What's in NW Maine?

I was reading an article on Gizmodo, “Where Exactly Is the Middle of Nowhere?” and wondered exactly what is in that corner of Maine that makes it the middle of nowhere? It seems to be about 10%+ of the state. Here’s the original article with legend.


ETA: Well, as the article makes clear, they are coloring the map based on the distance of a given area from major roads. So the answer is there’s nothing much (besides yurts) in that corner of Maine because if there were, somebody would build a road there.

Just got back from there. That would be the North Maine Woods. There’s a lot of logging that goes on there, and a number of people own camps in the area, though they are few and far between. I stayed at a friend’s camp there for a week. Once you get through the gates, there is nothing but millions of acres of dirt roads and dense trees, with lots of river crossings. Cell phone and data service are non-existent. Our friend’s camp is a couple of miles from the Quebec border and takes about 2.5 hours of driving on dirt roads from north of Ashland, Maine to get to.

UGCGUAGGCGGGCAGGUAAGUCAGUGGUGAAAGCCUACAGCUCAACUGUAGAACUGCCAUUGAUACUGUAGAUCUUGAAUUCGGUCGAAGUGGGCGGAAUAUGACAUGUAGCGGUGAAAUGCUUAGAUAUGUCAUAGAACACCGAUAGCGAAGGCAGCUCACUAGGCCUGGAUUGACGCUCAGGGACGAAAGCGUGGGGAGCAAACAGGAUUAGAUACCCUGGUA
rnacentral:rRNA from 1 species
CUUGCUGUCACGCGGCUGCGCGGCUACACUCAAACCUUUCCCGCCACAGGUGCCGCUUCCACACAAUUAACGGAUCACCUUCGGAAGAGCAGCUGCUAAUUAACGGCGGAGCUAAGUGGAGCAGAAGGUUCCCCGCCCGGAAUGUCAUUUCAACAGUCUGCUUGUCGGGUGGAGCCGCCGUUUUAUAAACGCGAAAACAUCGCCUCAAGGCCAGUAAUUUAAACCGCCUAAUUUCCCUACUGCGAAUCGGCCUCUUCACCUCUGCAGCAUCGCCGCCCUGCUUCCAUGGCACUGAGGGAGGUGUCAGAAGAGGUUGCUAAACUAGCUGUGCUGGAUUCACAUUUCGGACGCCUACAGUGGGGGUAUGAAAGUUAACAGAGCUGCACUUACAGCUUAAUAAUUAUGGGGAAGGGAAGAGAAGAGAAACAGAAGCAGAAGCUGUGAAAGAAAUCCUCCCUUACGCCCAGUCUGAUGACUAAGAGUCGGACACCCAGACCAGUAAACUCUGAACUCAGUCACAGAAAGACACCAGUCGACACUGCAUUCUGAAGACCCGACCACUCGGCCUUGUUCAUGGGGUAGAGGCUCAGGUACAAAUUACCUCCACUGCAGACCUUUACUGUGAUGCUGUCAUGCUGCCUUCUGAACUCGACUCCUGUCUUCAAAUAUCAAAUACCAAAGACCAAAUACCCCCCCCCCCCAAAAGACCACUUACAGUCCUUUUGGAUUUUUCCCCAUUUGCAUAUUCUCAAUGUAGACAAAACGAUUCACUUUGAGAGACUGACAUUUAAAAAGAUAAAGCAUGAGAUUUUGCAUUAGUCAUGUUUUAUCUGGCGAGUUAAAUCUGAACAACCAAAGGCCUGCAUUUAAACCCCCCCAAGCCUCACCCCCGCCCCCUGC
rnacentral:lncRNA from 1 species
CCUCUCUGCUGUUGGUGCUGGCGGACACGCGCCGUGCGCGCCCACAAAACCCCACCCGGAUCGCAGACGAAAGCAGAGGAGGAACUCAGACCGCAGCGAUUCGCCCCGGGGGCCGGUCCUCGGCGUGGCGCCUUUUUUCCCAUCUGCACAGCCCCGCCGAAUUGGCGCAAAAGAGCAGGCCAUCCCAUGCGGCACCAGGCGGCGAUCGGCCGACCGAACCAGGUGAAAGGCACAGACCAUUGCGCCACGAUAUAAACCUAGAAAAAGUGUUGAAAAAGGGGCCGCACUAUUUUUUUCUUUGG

Yup, there’s logging and sport camps (hunting/fishing) and little else. The major roads (like the Golden Road) are private, owned by the logging companies. You have to pay to use them and logging trucks always have the right-of-way. I don’t know if the calculations in the original article include those as “roads”.

Good point. Anyone needing access to the camps (including camp owners) need to buy daily or annual passes to use the roads. This is done at a gate right where paved road transitions to dirt road.

Not much-basically forests, lakes, mountains. great fishing…but it really is almost uninhabited ()in the summer), even less in winter. The towns around lake Umbagog look like they belong to the last century-and there isn’t much to do after fishing…except drink.

But… I thought you couldn’t get thar from hare? :wink:

Marijuana growers.
Moose that grow marijuana…

That would be “Can’t get theah from heah.”

That’s way too comprehensible for Maine.

We bounced along the Golden Road a couple of years ago en route to the starting point of a canoe trip down the west branch of the Penobscot River. Our outfitter advised us to watch for logging trucks (approaching or passing) and to get the hell out of their way. The trucks go flying down the unpaved road at about 70 mph right down the center. :eek: